8 Corn-Shopping Tips from Farmers and Grocery Store Managers

published Jul 23, 2022
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Picking out sweet corn can be “a gamble,” says Jenna Untiedt, marketing manager at Untiedt’s Vegetable Farm in Minnesota. And she’s right. Unless you’ve got X-ray vision goggles, it’s impossible to see what’s hidden beneath those husks — unless, of course, you peel them back. And that’s something you really don’t want to do (more on that below). There are, however, plenty of other ways to tell if the corn you’re buying is up to your standards.

I spoke with Untiedt and four other farmers and grocery store managers to learn just what those ways are. They share their expert tips on how to pick out fresh sweet corn — and a few behaviors we should strongly consider retiring. Whether you’re at a farmers market or grocery store, here’s what you need to know the next time you shop for corn.

Credit: Joe Lingeman

1. Don’t peel back the husk.

I’m confident most of us (if not all of us) have read this before. Still, it bears repeating. Why do I say this? Because every person I spoke with brought it up, and for several very good reasons: Not only is it “unnecessary” as one farmer pointed out (there are less damaging ways to tell if the corn meets your standards), but it also “makes it so somebody else isn’t going to pick it up and run home with it,” says Steve Verrill, co-owner of Verrill Farms in Concord, Massachusetts. And in the case of farm stands and farmers markets, he explains, it will draw flies. It can also be hazardous to other shoppers, particularly in grocery stores where people can more easily slip on the tile floors, according to David Dudley, a produce manager at Sprouts Farmers Market.

2. Or worse yet, stick your fingernail into a kernel.

If this sounds gross, it’s because it is. Like peeling back the husk, this too will cause the corn to dry out. (It also means that someone is sticking their nail into your food.) “People think that they can tell the freshness by poking it,” says Untiedt, whose farm produces all the corn that goes to the Minnesota State Fair. “You can do it visually, though. You don’t need to actually puncture the kernel.” For example …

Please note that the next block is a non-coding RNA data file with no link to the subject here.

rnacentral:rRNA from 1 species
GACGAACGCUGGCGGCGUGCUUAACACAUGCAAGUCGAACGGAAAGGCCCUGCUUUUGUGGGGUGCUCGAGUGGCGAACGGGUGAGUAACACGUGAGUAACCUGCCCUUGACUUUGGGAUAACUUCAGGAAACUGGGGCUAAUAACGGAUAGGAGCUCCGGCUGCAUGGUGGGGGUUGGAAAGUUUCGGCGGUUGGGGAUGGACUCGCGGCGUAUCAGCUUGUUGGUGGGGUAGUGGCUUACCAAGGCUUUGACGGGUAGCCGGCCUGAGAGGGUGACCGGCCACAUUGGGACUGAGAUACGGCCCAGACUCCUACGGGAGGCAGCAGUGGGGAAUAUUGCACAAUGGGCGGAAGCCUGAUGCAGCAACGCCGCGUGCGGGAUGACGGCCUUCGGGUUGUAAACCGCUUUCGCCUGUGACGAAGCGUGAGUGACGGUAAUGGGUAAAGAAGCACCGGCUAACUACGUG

Credit: Getty Images/BRETT STEVENS

3. Look for vibrant green husks and white butts.

“Corn husks that are bright green and tightly wrapped mean the corn was either picked that day or within the past couple of days,” says Martha Abel, farmstand manager at Keller’s Farmstand in Naperville, Illinois. (In fact, every person I spoke with mentioned the color and integrity of the husks.) You also want to check out the butt of the corn, where it’s snapped off the stalk. “You want that to be more on the white side,” says Untiedt. This will also help you identify whether the ears were picked today or within the last couple of days. As the corn ages, that end of the corn will turn more brown.

4. Check the tassel end of the corn. 

All the experts agreed some handling is completely acceptable and even encouraged. The tassel end of the corn is where Molly Siegler, Whole Foods Market’s senior program manager for culinary development, suggests you check first. “That’s often a spot that can be soft or damaged.” When feeling the corn, “the tassel end should be kind of medium thickness and slightly rounded,” says Verrill. “If it’s really fat it’s probably over mature.” 

You should also know, however, sometimes “corn won’t form all the way to the tip,” explains Untiedt, “and usually that’s due to irregular water or drought.” This won’t change the flavor, she explains, just the appearance. Her recommendation? Cut that bit off and eat the rest of the ear.

5. Scope out the color and texture of the silk.

The silk (or tassels) is another key indicator for freshness. “The color of the silk can vary between yellow, gold, or brown and look somewhat ‘puffy,’” says Dudley. Any of those get the green light. What you want to avoid is blackened silk with a slimy texture, he explains. That’s a sign the corn is past its prime. Some wetness is OK, particularly if you’re shopping at your local grocery store. According to Dudley, “silk may be wet because corn is shipped with ice mixed within the box.” 

6. Chat with your farmer.

If you’re buying your corn at a farmers market or a farm stand, Untiedt recommends asking about the sweet corn variety (different varieties of sweet corn are available throughout the season). You can also ask if the farmer will guarantee your purchase. The answer is generally a resounding yes.

7. Leave no trace.

This is more of a manners note, but be mindful of how you’re leaving the display. Whether you’re at an outdoor market or in a grocery store, seeing a messy display can deter shoppers. In addition to partially or fully shucked corn, Dudley will occasionally find a bag full of corn that has been left behind on the produce display. “The leftover bag is a clear indicator that corn has been handled by another shopper.”

Credit: Joe Lingeman
Corn on the Cob

8. Shuck your corn at home. 

Even if the place you shop provides an area for you to husk your corn, the absolute best place to husk your corn is at home. Better yet, shuck it just before cooking. Sure, shucking can get messy, admits Untiedt, but it’s what protects those precious kernels. “The longer you can keep it in the husk, the fresher the corn is going to stay and the kernels aren’t going to dry out.” 

Do you have a tip for buying sweet corn? Tell us in the comments below.